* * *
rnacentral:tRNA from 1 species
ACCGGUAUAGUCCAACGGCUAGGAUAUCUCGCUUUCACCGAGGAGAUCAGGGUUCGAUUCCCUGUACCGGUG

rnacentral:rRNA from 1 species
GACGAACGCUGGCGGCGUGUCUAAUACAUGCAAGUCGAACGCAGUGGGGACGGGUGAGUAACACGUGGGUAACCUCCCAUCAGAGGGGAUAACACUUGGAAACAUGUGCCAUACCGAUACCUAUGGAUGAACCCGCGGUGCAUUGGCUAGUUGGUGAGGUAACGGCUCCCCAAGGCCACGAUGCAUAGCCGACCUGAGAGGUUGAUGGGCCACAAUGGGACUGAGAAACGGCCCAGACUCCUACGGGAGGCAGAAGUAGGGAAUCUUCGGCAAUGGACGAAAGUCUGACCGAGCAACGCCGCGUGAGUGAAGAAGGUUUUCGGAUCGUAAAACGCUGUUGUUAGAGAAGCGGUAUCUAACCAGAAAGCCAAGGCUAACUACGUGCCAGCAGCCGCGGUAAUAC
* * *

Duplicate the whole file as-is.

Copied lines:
rnacentral:tRNA from 1 species
ACCGGUAUAGUCCAACGGCUAGGAUAUCUCGCUUUCACCGAGGAGAUCAGGGUUCGAUUCCCUGUACCGGUG

rnacentral:rRNA from 1 species
GACGAACGCUGGCGGCGUGUCUAAUACAUGCAAGUCGAACGCAGUGGGGACGGGUGAGUAACACGUGGGUAACCUCCCAUCAGAGGGGAUAACACUUGGAAACAUGUGCCAUACCGAUACCUAUGGAUGAACCCGCGGUGCAUUGGCUAGUUGGUGAGGUAACGGCUCCCCAAGGCCACGAUGCAUAGCCGACCUGAGAGGUUGAUGGGCCACAAUGGGACUGAGAAACGGCCCAGACUCCUACGGGAGGCAGAAGUAGGGAAUCUUCGGCAAUGGACGAAAGUCUGACCGAGCAACGCCGCGUGAGUGAAGAAGGUUUUCGGAUCGUAAAACGCUGUUGUUAGAGAAGCGGUAUCUAACCAGAAAGCCAAGGCUAACUACGUGCCAGCAGCCGCGGUAAUAC